>>> 1. "The thoughts reflected in the slogans raised by some of the
>>> students of JNU who organized and participated in that programme cannot be
>>> claimed to be protected as fundamental right to freedom of speech and
>>> expression. I consider this as a kind of infection from which such students
>>> are suffering which needs to be controlled/cured before it becomes an
>>> epidemic." Neither does the Justice Rani specify exactly or convincingly
>>> what is 'anti-national' in the students' thought and speech, nor does she
>>> explain why it is anti-national.
>>> 2. "Suffice it to note that such persons enjoy the freedom to raise such
>>> slogans in the comfort of University Campus but without realising that they
>>> are in this safe environment because our forces are there at the battle
>>> field situated at the highest altitude of the world where even the oxygen
>>> is so scarce that those who are shouting anti-national slogans holding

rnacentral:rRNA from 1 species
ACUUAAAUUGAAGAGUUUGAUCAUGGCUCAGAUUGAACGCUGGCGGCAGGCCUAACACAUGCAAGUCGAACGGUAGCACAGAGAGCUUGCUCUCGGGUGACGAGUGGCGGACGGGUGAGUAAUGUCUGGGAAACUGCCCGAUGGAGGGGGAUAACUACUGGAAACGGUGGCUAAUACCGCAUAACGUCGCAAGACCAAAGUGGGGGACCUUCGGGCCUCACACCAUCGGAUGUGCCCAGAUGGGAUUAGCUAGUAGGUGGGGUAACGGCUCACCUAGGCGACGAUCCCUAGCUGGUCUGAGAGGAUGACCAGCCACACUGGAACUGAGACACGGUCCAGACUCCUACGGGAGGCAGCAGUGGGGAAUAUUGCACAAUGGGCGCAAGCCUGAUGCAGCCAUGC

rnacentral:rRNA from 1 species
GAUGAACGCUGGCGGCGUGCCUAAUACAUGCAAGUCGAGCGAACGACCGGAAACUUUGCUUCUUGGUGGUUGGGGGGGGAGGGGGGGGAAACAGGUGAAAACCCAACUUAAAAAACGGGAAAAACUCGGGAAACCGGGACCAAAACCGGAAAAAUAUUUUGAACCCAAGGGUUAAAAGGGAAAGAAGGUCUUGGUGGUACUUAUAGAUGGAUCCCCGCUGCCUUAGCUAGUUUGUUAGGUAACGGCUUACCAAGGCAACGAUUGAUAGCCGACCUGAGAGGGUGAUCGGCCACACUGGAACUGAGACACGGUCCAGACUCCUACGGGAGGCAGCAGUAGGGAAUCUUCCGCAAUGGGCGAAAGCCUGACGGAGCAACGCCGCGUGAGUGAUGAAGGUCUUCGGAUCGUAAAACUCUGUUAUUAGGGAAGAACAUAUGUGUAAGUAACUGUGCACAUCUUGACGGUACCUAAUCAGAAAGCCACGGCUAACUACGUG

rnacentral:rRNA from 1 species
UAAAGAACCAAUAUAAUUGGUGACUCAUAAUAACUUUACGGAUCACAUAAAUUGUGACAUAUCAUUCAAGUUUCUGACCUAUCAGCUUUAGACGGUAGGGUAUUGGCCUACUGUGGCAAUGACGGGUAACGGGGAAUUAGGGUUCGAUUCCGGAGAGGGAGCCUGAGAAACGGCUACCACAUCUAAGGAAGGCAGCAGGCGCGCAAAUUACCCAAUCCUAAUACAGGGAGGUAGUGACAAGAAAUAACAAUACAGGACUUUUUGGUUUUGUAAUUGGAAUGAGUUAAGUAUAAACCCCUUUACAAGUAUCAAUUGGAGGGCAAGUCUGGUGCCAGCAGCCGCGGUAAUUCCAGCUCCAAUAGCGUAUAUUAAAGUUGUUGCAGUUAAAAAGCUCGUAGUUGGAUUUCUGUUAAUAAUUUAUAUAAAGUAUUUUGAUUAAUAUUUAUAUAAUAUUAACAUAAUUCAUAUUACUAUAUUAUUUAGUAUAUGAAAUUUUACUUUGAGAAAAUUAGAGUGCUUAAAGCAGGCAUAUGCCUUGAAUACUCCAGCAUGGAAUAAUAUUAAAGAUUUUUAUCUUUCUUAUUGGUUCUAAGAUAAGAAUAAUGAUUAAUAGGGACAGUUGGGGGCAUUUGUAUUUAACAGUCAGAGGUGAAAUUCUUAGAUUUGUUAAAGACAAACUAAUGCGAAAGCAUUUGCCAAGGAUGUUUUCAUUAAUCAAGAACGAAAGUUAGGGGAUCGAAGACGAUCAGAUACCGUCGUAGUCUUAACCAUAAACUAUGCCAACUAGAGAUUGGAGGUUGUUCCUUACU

>>> posters of Afzal Guru and Maqbool Bhatt close to their chest honoring their
>>> martyrdom, may not be even able to withstand those conditions for an hour
>>> even." This bizarrely-worded argument referencing Siachen glacier suggests
>>> that the exercise of military power ensures democracy, *not the actual
>>> exercise of democratic rights like the right to free speech.*
>>> 3. "Whenever some infection is spread in a limb, effort is made to cure
>>> the same by giving antibiotics orally and if that does not work, by
>>> following second line of treatment. Sometimes it may require surgical
>>> intervention also. However, if the infection results in infecting the limb